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Marijuana Legalization Efforts Face Challenges in New York State

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Although “reefer madness” was once a concept that terrified hapless squares, the concept of using cannabis products for overall health and decriminalizing its use under certain circumstances is now one that appeals to countless Americans. After all, the FDA has already approved at least one specific brand of CBD medication for the treatment of severe epileptic disorders, while other states are paving the way in allowing both medical and recreational marijuana use to become legal. But despite the fact that Governor Cuomo established his desire to make New York State’s legalization of marijuana a top priority, it may be an uphill battle for proponents of this type of legislation.

Back in March, the Albany Times-Union reported that legalizing marijuana would likely not be included in the upcoming budget. While Cuomo was still hoping to legalize marijuana by the end of the legislative session in June, the governor has since switched gears from his intent to include adult-use cannabis in his budgetary proposal.

But supporters aren’t discouraged yet, as negotiations are still taking place. Currently, recreational marijuana use is now legal in 10 states, while 14 have decriminalized marijuana. Medical marijuana use is legal in 33 states. And although there are some who are urging lawmakers to reject the idea of legalization, there is a growing movement of support among citizens and politicians alike. In fact, the majority of the Democratic candidates running for presidential office in 2020 agree that marijuana should be legalized. And according to a Gallup poll taken in October 2018, approximately 66% of respondents across a range of ages, political parties, and regions support marijuana legalization.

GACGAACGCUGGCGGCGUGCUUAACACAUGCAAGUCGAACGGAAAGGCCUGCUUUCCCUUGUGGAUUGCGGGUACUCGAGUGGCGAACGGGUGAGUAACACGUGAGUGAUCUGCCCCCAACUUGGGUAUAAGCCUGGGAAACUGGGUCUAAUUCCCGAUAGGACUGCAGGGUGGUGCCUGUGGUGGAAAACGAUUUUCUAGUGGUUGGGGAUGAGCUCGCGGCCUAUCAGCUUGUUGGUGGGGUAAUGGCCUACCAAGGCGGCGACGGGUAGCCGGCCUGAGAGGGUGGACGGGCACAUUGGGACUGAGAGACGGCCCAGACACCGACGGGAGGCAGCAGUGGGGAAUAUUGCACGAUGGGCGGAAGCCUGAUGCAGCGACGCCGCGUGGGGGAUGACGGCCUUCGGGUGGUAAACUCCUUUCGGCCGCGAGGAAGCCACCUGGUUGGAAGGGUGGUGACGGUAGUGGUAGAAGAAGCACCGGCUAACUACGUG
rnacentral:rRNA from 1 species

There is some evidence that marijuana legalization could have a positive impact on the opioid crisis that’s having major nationwide effects. Pharmaceutical products be tampered with just as easily as illicit substances (and degrade without proper handling, as just two degrees of temperature variation can ruin a given product), but the legalization of these substances could ensure that they’re safe — and not laced with fentanyl, as was found in Albany recently. But while the three most common causes of car accidents in the U.S. are drunk driving, distracted driving, and speeding, opponents have concerns that marijuana legalization could lead to an increase in road accidents; there is some data that points to a connection between states that have legalized marijuana use and a higher frequency of cannabis-related crashes. And since 5% of all arrests made in New York State are for possession of marijuana, the legalization of this currently outlawed drug would have major consequences in several areas.

Of course, you can’t forget the financial benefits of legalizing marijuana. The state estimates that it could bring in around $300 million per year from marijuana sales — and since New York State is facing budget deficits, that extra income would certainly come in handy. But whether lawmakers will actually make it happen remains to be seen — especially since some counties have already indicated that they would opt out if the law is passed. More than likely, this will be an ongoing debate that may divide New York residents on either side of the aisle. And while there are some legitimate concerns about legalizing recreational use, there are also some compelling arguments that could make the endeavor one that’s worthwhile for people from all walks of life.